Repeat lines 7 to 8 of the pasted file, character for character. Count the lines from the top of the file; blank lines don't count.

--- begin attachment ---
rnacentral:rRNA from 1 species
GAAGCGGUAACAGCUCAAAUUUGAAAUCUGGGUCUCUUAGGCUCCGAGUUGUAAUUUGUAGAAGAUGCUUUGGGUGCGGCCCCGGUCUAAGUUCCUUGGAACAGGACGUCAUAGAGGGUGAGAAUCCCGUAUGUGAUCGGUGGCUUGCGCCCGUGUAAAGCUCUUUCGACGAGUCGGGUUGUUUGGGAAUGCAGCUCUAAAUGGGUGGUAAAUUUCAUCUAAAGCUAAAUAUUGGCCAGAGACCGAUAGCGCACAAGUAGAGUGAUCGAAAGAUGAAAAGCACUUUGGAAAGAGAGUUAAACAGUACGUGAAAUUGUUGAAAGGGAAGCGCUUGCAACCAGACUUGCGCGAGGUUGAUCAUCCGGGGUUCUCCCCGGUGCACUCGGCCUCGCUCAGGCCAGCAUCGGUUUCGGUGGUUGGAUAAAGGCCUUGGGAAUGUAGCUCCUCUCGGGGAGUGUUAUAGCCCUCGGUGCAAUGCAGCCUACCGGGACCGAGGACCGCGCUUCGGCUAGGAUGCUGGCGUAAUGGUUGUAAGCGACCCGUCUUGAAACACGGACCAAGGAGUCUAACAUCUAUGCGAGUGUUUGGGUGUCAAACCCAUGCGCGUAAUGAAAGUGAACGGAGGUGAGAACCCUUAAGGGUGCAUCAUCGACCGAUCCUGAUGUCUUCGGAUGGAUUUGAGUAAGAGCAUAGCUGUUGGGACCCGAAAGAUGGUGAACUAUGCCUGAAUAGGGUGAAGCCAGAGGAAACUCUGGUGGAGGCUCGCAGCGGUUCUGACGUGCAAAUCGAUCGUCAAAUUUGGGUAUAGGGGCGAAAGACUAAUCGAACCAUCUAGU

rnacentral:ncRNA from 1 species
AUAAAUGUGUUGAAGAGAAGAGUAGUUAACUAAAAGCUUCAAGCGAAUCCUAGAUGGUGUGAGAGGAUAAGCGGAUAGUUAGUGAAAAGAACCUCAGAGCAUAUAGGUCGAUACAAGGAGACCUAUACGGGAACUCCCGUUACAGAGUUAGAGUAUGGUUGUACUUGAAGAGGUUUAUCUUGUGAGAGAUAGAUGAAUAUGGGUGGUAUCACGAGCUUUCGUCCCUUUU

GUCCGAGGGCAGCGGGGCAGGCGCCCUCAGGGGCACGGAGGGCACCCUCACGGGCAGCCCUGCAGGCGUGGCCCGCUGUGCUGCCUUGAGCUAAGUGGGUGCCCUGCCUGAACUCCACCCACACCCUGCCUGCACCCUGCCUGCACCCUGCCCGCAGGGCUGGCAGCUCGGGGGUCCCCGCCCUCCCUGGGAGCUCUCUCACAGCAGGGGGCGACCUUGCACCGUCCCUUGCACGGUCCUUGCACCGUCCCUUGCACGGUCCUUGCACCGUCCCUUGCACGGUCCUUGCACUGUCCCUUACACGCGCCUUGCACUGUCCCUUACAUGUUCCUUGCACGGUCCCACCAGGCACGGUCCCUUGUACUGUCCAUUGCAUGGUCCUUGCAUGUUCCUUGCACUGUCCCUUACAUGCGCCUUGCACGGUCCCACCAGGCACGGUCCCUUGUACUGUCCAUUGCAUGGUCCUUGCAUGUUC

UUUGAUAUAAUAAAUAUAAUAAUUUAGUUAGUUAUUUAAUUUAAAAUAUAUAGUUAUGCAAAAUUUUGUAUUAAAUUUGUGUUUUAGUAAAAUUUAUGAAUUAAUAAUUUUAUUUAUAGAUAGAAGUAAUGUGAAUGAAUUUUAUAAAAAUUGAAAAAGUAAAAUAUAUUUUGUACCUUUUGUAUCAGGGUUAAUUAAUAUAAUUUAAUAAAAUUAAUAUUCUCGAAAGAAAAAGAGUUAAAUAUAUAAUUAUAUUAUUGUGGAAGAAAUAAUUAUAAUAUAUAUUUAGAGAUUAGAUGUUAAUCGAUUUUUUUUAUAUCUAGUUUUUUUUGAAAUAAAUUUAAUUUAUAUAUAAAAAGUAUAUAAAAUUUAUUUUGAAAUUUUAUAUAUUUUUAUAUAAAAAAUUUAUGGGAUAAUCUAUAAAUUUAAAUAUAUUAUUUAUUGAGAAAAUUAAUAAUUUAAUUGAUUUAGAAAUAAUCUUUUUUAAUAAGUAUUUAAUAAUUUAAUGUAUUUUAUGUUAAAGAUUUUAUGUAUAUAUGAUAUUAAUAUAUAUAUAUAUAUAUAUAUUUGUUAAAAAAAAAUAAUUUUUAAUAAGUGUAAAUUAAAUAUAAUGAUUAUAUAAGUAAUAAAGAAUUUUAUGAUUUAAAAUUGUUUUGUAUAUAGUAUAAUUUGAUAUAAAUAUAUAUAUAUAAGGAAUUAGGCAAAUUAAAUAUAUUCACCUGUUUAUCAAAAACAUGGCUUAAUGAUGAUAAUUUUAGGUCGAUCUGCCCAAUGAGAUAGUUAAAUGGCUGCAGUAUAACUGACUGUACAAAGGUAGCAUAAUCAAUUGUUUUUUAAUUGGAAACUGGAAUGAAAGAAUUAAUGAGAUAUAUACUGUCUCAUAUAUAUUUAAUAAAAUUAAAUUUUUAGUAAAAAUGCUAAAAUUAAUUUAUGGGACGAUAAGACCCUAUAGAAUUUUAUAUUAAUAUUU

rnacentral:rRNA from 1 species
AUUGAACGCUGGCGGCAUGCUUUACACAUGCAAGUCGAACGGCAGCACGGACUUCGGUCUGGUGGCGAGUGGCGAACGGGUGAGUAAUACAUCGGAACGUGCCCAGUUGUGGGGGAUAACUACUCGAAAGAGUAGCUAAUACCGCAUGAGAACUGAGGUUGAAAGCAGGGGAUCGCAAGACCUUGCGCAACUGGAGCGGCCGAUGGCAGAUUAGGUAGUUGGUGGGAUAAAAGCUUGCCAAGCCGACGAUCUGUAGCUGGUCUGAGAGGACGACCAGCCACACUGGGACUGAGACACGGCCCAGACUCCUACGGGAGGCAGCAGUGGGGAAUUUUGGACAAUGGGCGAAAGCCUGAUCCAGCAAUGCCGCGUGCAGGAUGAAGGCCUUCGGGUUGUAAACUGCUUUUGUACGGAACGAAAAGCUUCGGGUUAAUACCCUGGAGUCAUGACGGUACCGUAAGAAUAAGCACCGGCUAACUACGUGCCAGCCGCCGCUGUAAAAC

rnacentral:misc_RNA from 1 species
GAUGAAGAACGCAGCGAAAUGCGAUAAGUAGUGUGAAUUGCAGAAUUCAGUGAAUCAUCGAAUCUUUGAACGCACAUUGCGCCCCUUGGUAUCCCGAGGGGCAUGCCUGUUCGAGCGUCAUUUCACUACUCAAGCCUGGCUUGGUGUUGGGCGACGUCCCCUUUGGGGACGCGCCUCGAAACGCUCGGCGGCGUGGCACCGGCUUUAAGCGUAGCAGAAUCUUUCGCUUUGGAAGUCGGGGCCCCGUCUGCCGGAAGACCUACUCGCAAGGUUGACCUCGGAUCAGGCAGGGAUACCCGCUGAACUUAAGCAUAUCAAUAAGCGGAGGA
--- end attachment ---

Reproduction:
rnacentral:rRNA from 1 species
AUUGAACGCUGGCGGCAUGCUUUACACAUGCAAGUCGAACGGCAGCACGGACUUCGGUCUGGUGGCGAGUGGCGAACGGGUGAGUAAUACAUCGGAACGUGCCCAGUUGUGGGGGAUAACUACUCGAAAGAGUAGCUAAUACCGCAUGAGAACUGAGGUUGAAAGCAGGGGAUCGCAAGACCUUGCGCAACUGGAGCGGCCGAUGGCAGAUUAGGUAGUUGGUGGGAUAAAAGCUUGCCAAGCCGACGAUCUGUAGCUGGUCUGAGAGGACGACCAGCCACACUGGGACUGAGACACGGCCCAGACUCCUACGGGAGGCAGCAGUGGGGAAUUUUGGACAAUGGGCGAAAGCCUGAUCCAGCAAUGCCGCGUGCAGGAUGAAGGCCUUCGGGUUGUAAACUGCUUUUGUACGGAACGAAAAGCUUCGGGUUAAUACCCUGGAGUCAUGACGGUACCGUAAGAAUAAGCACCGGCUAACUACGUGCCAGCCGCCGCUGUAAAAC